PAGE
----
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Defining and characterising structural uncertainty in decision analytic models

Listed author(s):
  • Laura Bojke


    (Centre for Health Economics, University of York)

  • Karl Claxton


    (Centre for Health Economics, University of York)

  • Stephen Palmer


    (Centre for Health Economics, University of York)

  • Mark Sculpher


    (Centre for Health Economics, University of York)

An inappropriate structure for a decision analytic model can potentially invalidate estimates of cost-effectiveness and estimates of the value of further research. However, there are often a number of alternative and credible structural assumptions which can be made. Although it is common practice to acknowledge potential limitations in model structure, there is a lack of clarity about methods to characterize the uncertainty surrounding alternative structural assumptions and their contribution to decision uncertainty. A review of decision models commissioned by the NHS Health Technology Programme was undertaken to identify the types of model uncertainties described in the literature. A second review was undertaken to identify approaches to characterise these uncertainties. The assessment of structural uncertainty has received little attention in the health economics literature. A common method to characterise structural uncertainty is to compute results for each alternative model specification, and to present alternative results as scenario analyses. It is then left to decision maker to assess the credibility of the alternative structures in interpreting the range of results. The review of methods to explicitly characterise structural uncertainty identified two methods: 1) model averaging, where alternative models, with different specifications, are built, and their results averaged, using explicit prior distributions often based on expert opinion and 2) Model selection on the basis of prediction performance or goodness of fit. For a number of reasons these methods are neither appropriate nor desirable methods to characterize structural uncertainty in decision analytic models. When faced with a choice between multiple models, another method can be employed which allows structural uncertainty to be explicitly considered and does not ignore potentially relevant model structures. Uncertainty can be directly characterised (or parameterised) in the model itself. This method is analogous to model averaging on individual or sets of model inputs, but also allows the value of information associated with structural uncertainties to be resolved.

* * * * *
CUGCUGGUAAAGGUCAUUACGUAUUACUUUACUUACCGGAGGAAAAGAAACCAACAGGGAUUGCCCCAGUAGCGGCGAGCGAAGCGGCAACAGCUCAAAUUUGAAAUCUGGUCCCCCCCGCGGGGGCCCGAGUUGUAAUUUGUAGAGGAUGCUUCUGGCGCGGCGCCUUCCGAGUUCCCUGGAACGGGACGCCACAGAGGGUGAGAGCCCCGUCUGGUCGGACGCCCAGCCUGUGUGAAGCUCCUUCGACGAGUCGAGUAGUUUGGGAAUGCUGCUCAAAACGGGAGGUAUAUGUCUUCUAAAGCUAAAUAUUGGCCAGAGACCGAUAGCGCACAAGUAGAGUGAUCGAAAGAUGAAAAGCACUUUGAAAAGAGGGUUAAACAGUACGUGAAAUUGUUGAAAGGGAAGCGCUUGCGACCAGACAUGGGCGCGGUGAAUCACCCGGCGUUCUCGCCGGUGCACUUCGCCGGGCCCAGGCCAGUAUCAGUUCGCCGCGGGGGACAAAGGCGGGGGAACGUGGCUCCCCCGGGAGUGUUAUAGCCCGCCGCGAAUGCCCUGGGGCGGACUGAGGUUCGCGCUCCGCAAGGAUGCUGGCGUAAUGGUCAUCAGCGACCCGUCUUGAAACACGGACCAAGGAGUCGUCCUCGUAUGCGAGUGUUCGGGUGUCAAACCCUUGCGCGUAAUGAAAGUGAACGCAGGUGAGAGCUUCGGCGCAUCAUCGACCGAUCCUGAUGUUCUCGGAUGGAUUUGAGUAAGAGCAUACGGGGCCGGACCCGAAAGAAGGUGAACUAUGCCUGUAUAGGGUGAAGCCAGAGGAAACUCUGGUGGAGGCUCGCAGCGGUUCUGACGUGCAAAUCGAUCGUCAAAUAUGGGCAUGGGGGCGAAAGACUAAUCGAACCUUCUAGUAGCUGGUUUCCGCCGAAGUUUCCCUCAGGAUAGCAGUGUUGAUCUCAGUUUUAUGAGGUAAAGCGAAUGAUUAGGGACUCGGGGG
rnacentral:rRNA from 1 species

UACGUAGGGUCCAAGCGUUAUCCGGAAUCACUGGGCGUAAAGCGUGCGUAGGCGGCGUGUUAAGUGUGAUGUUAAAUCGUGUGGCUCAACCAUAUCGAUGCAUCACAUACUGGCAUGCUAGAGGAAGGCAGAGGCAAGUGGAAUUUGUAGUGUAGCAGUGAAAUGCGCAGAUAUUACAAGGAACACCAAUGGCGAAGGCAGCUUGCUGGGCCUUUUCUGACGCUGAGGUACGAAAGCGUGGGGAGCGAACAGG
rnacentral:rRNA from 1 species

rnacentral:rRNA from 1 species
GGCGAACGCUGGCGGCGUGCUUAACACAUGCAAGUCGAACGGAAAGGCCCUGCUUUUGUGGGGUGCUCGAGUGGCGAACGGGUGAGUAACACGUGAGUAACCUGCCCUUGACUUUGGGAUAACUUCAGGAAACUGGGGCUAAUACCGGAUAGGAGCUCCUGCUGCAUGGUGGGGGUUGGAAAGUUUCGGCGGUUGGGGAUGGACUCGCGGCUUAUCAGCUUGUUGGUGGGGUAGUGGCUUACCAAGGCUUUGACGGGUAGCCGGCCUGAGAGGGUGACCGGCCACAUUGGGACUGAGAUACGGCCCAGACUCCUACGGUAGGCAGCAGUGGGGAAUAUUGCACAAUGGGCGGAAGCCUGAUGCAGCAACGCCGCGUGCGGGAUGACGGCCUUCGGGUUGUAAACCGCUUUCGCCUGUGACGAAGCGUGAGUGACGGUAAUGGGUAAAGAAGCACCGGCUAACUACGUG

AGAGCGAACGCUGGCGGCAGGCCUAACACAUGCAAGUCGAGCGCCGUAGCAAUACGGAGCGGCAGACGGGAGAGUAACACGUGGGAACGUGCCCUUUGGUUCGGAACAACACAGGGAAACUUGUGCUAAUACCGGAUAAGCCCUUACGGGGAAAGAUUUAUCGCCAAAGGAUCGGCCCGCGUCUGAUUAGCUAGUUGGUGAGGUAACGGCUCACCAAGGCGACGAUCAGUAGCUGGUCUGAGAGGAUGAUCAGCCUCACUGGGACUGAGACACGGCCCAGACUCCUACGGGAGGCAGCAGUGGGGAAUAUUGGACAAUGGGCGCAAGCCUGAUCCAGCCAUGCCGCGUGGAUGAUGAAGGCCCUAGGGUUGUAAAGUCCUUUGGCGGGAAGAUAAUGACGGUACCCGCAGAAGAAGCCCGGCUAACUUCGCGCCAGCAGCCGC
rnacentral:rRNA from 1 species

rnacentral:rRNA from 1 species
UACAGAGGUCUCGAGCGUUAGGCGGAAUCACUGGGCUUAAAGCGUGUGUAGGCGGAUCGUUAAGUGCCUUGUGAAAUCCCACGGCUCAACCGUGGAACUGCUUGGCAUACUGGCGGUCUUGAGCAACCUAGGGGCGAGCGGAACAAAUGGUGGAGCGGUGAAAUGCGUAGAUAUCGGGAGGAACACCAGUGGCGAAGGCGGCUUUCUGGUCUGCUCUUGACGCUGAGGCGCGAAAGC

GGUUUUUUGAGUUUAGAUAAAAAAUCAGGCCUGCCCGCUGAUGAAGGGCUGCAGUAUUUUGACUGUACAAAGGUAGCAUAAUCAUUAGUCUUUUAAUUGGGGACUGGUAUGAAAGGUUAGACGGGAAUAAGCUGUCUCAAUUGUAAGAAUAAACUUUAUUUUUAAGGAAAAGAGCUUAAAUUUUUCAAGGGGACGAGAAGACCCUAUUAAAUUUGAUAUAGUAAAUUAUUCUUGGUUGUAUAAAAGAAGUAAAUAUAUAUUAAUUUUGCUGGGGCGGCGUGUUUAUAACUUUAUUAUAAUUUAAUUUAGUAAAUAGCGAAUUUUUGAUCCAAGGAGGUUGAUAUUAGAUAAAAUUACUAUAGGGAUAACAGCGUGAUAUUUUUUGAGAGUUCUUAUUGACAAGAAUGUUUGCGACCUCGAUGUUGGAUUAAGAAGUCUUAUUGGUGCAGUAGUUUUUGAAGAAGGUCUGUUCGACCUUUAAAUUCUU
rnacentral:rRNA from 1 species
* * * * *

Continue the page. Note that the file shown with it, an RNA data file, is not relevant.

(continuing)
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Paper provided by Centre for Health Economics, University of York in its series Working Papers with number 009cherp.

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Length: 25 pages
Date of creation: Mar 2006
Handle: RePEc:chy:respap:9cherp
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  1. Zhao, Xiande & Xie, Jinxing & Leung, Janny, 2002. "The impact of forecasting model selection on the value of information sharing in a supply chain," European Journal of Operational Research, Elsevier, vol. 142(2), pages 321-344, October.
  2. Claxton, Karl, 1999. "The irrelevance of inference: a decision-making approach to the stochastic evaluation of health care technologies," Journal of Health Economics, Elsevier, vol. 18(3), pages 341-364, June.
  3. van Noortwijk, Jan M. & Cooke, Roger M. & Kok, Matthijs, 1995. "A Bayesian failure model based on isotropic deterioration," European Journal of Operational Research, Elsevier, vol. 82(2), pages 270-282, April.
  4. Xiaotong Shen & Hsin-Cheng Huang & Jimmy Ye, 2004. "Inference After Model Selection," Journal of the American Statistical Association, American Statistical Association, vol. 99, pages 751-762, January.
  5. Granger, C.W.J. & Pesaran, M. H., 1999. "Economic and Statistical Measures of Forecast Accuracy," Cambridge Working Papers in Economics 9910, Faculty of Economics, University of Cambridge.
  6. Karl Claxton & Mark Sculpher & Chris McCabe & Andrew Briggs & Ron Akehurst & Martin Buxton & John Brazier & Tony O'Hagan, 2005. "Probabilistic sensitivity analysis for NICE technology assessment: not an optional extra," Health Economics, John Wiley & Sons, Ltd., vol. 14(4), pages 339-347.
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